A replica of the Santa Maria sails on the sea.
- The definition of a sail is a strong sheet of fabric attached to a boat used to catch and use wind to move the boat forward in water.
An example of a sail is how Christopher Columbus' ship moved through the ocean.
- Sail is defined as to move, float or glide smoothly through water or air, or to move quickly.
- An example of sail is a bird gliding on a headwind in the sky.
- An example of sail is to finish a three hour task in one hour.
- any of the shaped sheets of canvas or other strong material spread to catch or deflect the wind, by means of which some vessels and some land vehicles are driven forward
- sails collectively
- a sailing vessel or vessels
- a trip in a ship or boat, esp. one moved by sails
- anything like a sail, as an arm of a windmill
Origin of sailMiddle English seil, sail from Old English segl, akin to German segel, probably ultimately from Indo-European base an unverified form sek-, to cut from source Classical Latin secare, to cut, segmentum, segment
- to be moved forward by means of a sail or sails
- to be moved forward on water by mechanical means such as a propeller
- to move upon or travel by water: said of a vessel or its passengers
- to begin a trip by water
- to manage a sailboat, as in racing or cruising
- to glide, float, or move steadily through the air
- to move smoothly and with dignity, like a ship in full sail
- Informal to move or proceed quickly
- Informal to begin vigorously; throw oneself (into) with energy
- Informal to attack, criticize, or reprimand someone severely: with into
Origin of sailME seilen < OE seglian < the n.
- to move through or upon (a body of water) in a boat or ship
- to manage or navigate (a boat or ship)
- to throw or otherwise propel (something) in a way that causes it to glide, float, or move steadily through the air
sail against the wind
- to sail a course that slants slightly away from the true direction of the wind; sail closehauled
- to work under difficulties or against direct oppositionalso sail near (to) the wind
sail close to the wind
- to sail as nearly as possible straight against the wind
- to be economical in one's affairs
- to border on indecency, foolhardiness, etc.
- to hoist the sails in preparation for departure
- to start out on a voyage by water
take in sail
- Nautical a. A piece of fabric sewn together and fitted to the spars and rigging of a vessel so as to convert the force of the wind into forward motion of the vessel.b. The sails of a ship or boat.c. A narrow fairwater supporting the bridge of a submarine.
- pl. sail, or sails Nautical A sailing vessel.
- Nautical A trip or voyage in a sailing craft.
- Something, such as the blade of a windmill, that resembles a sail in form or function.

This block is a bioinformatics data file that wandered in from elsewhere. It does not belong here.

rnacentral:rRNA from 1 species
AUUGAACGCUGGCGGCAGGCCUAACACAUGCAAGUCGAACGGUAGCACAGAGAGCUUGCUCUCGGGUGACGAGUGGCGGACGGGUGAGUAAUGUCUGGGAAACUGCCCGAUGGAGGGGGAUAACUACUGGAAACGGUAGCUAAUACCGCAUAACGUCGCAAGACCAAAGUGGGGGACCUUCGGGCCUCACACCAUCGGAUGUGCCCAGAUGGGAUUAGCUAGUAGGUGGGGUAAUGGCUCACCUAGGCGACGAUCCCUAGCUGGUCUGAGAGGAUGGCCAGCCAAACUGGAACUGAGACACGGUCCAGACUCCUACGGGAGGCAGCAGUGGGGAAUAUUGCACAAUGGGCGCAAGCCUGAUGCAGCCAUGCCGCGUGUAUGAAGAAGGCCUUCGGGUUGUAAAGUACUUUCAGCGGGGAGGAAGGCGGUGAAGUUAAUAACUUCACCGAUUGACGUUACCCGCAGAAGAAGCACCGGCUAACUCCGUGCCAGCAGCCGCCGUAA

verbsailed, sail·ing, sails
- Nautical a. To move across the surface of water, especially by means of a sailing vessel.b. To travel by water in a vessel.c. To start out on such a voyage or journey: Tomorrow we sail for the islands.d. To operate a sailing craft, especially for sport.
- To move along or progress smoothly or effortlessly: sailed into the room five minutes late; sailed through the exam; sailed through the red light.
- To move along through the air: The ball sailed into the stands.
- To navigate or manage (a vessel).
- To voyage upon or across: sail the Pacific.
Origin of sailMiddle English seil from Old English segl Sail into from obsolete sail to attack from Middle English sailen short for assailen ; see assail .
- (nautical) A piece of fabric attached to a boat and arranged such that it causes the wind to drive the boat along. The sail may be attached to the boat via a combination of mast, spars and ropes.
- (uncountable) The power harnessed by a sail or sails, or the use this power for travel or transport.
- A trip in a boat, especially a sailboat.
- Let's go for a sail.
- (dated) A sailing vessel; a vessel of any kind; a craft. Plural sail.
- Twenty sail were in sight.
- The blade of a windmill.
- A tower-like structure found on the dorsal (topside) surface of submarines.
- The floating organ of siphonophores, such as the Portuguese man-of-war.
- (fishing) A sailfish.
- We caught three sails today.
- (paleontology) an outward projection of the spine, occurring in certain dinosaurs and synapsids
- Anything resembling a sail, such as a wing.
- See also sail
From Old English seÄ¡el, from Proto-Germanic *seglÄ… (compare earlier Middle Low German segel and later Low German sail), cognate with Dutch zeil, German Segel, Danish sejl), from pre-Germanic/Celtic sek-lo (compare Welsh hwyl, Irish sÃ©ol), from Proto-Indo-European *sek- 'to cut'. More at saw.
(third-person singular simple present sails, present participle sailing, simple past and past participle sailed)
- To be impelled or driven forward by the action of wind upon sails, as a ship on water; to be impelled on a body of water by steam or other power.
- To move through or on the water; to swim, as a fish or a waterfowl.
- To ride in a boat, especially a sailboat.
- To set sail; to begin a voyage.
- We sail for Australia tomorrow.
- To move briskly and gracefully through the air.
- To move briskly.
Old English seÄ¡lian, cognate to earlier Middle Low German segelen and its descendant Low German sailen.